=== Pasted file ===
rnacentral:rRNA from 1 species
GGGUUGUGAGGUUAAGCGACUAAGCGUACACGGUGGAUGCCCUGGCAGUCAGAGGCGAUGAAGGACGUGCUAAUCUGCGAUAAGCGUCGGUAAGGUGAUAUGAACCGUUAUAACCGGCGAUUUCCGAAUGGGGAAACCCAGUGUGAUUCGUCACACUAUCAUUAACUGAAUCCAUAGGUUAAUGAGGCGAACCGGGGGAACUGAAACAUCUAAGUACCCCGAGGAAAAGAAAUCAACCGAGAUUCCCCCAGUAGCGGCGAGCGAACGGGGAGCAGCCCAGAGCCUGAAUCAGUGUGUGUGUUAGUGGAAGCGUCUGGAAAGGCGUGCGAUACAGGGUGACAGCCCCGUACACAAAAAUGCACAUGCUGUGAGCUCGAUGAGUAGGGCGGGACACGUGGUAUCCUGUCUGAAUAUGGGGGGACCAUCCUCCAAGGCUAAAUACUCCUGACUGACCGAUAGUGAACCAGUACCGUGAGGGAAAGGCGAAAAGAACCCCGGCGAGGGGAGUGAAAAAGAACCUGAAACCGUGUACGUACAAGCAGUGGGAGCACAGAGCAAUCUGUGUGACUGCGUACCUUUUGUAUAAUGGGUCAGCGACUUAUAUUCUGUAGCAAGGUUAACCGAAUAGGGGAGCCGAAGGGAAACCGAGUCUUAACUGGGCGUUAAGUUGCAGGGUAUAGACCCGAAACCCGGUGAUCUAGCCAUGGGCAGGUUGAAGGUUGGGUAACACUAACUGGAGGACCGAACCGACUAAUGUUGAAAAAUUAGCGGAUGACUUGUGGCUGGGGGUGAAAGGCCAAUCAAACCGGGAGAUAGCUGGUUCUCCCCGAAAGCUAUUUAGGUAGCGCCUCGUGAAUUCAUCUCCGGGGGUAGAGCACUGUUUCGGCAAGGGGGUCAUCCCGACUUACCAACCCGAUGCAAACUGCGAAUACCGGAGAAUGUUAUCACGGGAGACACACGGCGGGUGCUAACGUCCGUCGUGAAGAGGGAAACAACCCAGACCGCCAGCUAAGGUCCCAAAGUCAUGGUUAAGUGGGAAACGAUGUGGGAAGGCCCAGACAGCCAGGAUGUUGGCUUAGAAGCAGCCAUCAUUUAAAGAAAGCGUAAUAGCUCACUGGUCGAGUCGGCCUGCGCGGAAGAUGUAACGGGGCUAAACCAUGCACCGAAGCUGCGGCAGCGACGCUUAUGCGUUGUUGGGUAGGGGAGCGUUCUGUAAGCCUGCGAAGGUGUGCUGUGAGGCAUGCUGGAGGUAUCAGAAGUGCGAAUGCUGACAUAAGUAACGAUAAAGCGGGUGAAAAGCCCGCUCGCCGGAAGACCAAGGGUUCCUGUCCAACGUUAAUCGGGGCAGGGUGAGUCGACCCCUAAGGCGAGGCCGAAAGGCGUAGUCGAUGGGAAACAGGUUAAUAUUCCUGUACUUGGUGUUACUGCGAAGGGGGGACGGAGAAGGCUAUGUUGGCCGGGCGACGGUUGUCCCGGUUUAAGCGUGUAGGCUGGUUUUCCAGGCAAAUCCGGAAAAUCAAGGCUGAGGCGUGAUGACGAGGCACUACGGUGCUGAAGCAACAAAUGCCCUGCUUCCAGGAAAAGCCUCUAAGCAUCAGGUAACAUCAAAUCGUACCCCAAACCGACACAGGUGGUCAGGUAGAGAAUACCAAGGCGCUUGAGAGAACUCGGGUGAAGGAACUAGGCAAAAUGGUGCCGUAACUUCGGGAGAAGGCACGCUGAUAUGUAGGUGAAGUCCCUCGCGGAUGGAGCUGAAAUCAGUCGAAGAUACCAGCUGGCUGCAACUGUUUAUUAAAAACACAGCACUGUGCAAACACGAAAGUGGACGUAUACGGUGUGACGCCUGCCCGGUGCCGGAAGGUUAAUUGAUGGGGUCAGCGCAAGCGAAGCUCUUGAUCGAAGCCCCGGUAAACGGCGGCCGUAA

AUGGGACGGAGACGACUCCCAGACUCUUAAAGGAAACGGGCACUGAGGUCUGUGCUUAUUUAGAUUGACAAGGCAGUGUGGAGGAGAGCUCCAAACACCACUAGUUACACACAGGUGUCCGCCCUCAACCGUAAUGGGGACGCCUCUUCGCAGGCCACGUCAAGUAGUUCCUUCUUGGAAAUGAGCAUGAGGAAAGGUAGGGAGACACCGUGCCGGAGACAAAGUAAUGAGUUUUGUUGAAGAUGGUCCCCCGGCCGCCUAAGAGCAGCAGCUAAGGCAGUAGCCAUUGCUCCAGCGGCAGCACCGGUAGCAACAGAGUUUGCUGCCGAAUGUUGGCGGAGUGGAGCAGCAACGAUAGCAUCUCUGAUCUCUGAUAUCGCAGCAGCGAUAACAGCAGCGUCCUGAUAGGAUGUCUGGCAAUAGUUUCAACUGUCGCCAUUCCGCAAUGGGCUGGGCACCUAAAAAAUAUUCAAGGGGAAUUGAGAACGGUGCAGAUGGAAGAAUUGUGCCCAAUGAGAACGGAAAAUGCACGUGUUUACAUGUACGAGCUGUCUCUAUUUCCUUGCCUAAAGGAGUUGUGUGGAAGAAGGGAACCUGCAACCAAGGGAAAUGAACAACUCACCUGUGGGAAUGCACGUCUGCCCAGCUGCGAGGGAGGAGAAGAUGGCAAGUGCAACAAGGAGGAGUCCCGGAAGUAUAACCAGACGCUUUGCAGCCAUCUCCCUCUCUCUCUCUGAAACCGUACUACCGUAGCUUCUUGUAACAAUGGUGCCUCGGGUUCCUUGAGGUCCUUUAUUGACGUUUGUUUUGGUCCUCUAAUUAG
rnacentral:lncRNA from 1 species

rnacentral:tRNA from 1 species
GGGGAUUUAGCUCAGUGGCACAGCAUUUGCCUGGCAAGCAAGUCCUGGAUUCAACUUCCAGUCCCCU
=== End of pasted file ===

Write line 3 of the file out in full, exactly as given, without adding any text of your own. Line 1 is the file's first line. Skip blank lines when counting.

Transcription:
AUGGGACGGAGACGACUCCCAGACUCUUAAAGGAAACGGGCACUGAGGUCUGUGCUUAUUUAGAUUGACAAGGCAGUGUGGAGGAGAGCUCCAAACACCACUAGUUACACACAGGUGUCCGCCCUCAACCGUAAUGGGGACGCCUCUUCGCAGGCCACGUCAAGUAGUUCCUUCUUGGAAAUGAGCAUGAGGAAAGGUAGGGAGACACCGUGCCGGAGACAAAGUAAUGAGUUUUGUUGAAGAUGGUCCCCCGGCCGCCUAAGAGCAGCAGCUAAGGCAGUAGCCAUUGCUCCAGCGGCAGCACCGGUAGCAACAGAGUUUGCUGCCGAAUGUUGGCGGAGUGGAGCAGCAACGAUAGCAUCUCUGAUCUCUGAUAUCGCAGCAGCGAUAACAGCAGCGUCCUGAUAGGAUGUCUGGCAAUAGUUUCAACUGUCGCCAUUCCGCAAUGGGCUGGGCACCUAAAAAAUAUUCAAGGGGAAUUGAGAACGGUGCAGAUGGAAGAAUUGUGCCCAAUGAGAACGGAAAAUGCACGUGUUUACAUGUACGAGCUGUCUCUAUUUCCUUGCCUAAAGGAGUUGUGUGGAAGAAGGGAACCUGCAACCAAGGGAAAUGAACAACUCACCUGUGGGAAUGCACGUCUGCCCAGCUGCGAGGGAGGAGAAGAUGGCAAGUGCAACAAGGAGGAGUCCCGGAAGUAUAACCAGACGCUUUGCAGCCAUCUCCCUCUCUCUCUCUGAAACCGUACUACCGUAGCUUCUUGUAACAAUGGUGCCUCGGGUUCCUUGAGGUCCUUUAUUGACGUUUGUUUUGGUCCUCUAAUUAG